She’s carved out a niche playing characters who are "a comment on white privilege."
When celebrities (virtually) hang out with Bustle editors, we want to give them the chance to leave their mark. Literally. So we hand them a pen, a piece of paper, a few questions, and ask them to get creative. This time, Palm Springs star Meredith Hagner is leaving her mark in the Bustle Booth.
Meredith Hagner often relies on documentaries to help her get into character. For Search Party’s recently released Season 3 — in which she stars as Portia, an actress who testifies against her best friend on trial for murder — she watched Netflix’s Amanda Knox. To play the vapid bridesmaid Misty in this summer’s sci-fi rom-com Palm Springs, she watched the 2012 portrait of privilege The Queen of Versailles. But sometimes simply observing real life is the best way to craft a character. “I get a lot of inspiration overhearing someone at brunch,” Hagner tells Bustle from her car, on a road trip through Aspen with her Border Collie and her husband, fellow actor Wyatt Russell. “[These roles] are a walking Overheard New York [meme], that’s for sure.”
Between Portia, Misty, and her scene-stealing supporting turns in Set It Up and Younger, the 33-year-old Hagner has become known for her portrayals of a certain kind of millennial-pink-loving woman who’s prone to hashtagging “girl boss” and boomeranging herself drinking “rosé all day.” “These characters are a comment on white privilege and what an entitled woman [looks like] in this moment,” says Hagner. But the actor has an uncanny knack for bringing nuance and empathy to these women who might otherwise appear as villainous caricatures. “They’re varying degrees of narcissistic. Misty is more of amalgamation of a lot of self-obsessed women in my generation that are easy to satirize, but Portia really has a heart of gold, and on the show I get to explore why she is the way she is.”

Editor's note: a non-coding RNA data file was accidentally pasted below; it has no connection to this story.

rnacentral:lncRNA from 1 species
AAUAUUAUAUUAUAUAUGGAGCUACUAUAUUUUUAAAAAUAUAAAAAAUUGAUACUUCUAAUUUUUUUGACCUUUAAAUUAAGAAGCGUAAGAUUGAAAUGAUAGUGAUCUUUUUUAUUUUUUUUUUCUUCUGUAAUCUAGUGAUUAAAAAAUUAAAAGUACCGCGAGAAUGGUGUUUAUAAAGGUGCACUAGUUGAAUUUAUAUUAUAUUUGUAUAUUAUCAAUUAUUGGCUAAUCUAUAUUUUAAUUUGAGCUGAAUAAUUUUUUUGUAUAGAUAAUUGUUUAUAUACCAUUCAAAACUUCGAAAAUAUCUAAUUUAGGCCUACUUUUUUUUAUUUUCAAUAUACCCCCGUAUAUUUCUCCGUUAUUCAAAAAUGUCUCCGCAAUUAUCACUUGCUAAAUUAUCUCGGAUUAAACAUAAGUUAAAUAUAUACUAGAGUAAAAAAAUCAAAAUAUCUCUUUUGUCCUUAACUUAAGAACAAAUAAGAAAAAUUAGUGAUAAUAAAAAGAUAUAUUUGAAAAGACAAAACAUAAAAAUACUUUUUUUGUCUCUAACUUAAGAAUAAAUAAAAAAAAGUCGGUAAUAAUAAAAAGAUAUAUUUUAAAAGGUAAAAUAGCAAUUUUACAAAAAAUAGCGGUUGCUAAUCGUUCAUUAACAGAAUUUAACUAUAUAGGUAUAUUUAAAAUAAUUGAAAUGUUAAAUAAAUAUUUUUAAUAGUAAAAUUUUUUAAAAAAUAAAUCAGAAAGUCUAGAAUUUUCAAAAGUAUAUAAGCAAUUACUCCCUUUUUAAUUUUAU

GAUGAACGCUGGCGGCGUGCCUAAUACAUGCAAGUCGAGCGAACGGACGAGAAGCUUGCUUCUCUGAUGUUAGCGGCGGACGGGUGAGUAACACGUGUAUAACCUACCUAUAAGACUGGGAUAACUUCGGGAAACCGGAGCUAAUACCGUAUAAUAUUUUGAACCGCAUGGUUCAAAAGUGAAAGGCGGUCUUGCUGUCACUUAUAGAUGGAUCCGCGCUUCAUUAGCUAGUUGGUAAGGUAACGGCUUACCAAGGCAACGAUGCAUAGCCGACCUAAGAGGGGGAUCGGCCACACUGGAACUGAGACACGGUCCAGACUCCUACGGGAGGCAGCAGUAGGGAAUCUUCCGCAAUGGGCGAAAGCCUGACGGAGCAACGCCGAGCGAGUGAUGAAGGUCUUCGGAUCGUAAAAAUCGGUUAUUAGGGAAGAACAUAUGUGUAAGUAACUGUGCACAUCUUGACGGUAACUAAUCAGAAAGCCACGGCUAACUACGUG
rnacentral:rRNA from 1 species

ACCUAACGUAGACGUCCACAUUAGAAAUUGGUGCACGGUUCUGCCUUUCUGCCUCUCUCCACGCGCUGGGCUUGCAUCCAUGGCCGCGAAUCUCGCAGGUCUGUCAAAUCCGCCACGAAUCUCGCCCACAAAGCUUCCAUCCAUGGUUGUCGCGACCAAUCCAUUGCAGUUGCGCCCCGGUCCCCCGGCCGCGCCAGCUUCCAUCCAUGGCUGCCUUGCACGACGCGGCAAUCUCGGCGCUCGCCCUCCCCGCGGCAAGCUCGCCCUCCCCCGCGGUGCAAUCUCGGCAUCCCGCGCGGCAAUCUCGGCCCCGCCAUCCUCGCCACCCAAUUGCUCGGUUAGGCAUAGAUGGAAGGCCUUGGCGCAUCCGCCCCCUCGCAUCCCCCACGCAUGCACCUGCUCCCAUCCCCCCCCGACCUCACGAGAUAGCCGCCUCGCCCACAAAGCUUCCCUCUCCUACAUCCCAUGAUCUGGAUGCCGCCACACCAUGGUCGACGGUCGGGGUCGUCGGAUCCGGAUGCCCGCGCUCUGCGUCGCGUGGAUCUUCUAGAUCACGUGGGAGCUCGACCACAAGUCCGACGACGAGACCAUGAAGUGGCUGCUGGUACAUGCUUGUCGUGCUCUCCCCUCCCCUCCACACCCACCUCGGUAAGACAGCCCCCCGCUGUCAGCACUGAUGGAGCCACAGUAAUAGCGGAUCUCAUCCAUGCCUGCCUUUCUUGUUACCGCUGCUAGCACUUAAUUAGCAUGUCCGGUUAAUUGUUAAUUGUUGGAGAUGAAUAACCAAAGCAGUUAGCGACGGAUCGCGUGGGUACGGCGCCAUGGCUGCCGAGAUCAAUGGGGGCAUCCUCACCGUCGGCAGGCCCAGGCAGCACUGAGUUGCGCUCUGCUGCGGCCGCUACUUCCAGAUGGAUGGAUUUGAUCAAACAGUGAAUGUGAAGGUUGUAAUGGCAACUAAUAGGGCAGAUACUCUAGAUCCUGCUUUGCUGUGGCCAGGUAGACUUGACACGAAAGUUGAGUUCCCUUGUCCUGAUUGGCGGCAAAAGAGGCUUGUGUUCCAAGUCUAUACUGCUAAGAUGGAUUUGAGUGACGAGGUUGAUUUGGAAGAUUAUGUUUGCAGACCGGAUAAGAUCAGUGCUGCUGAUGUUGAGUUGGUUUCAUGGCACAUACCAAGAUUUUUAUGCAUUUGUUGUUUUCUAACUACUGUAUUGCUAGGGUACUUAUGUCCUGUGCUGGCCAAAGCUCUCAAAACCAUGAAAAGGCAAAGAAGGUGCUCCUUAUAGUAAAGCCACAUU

Though Hagner aspires to play someone with a “slightly higher IQ” in her next project, she still thrills in embodying the type of women she playfully calls “human garbage cans of a person.”
“They capture a moment in time that I think we can all laugh at while still being like, ‘Hey, isn’t it crazy how privileged we are and how obsessed with ourselves we are?’”
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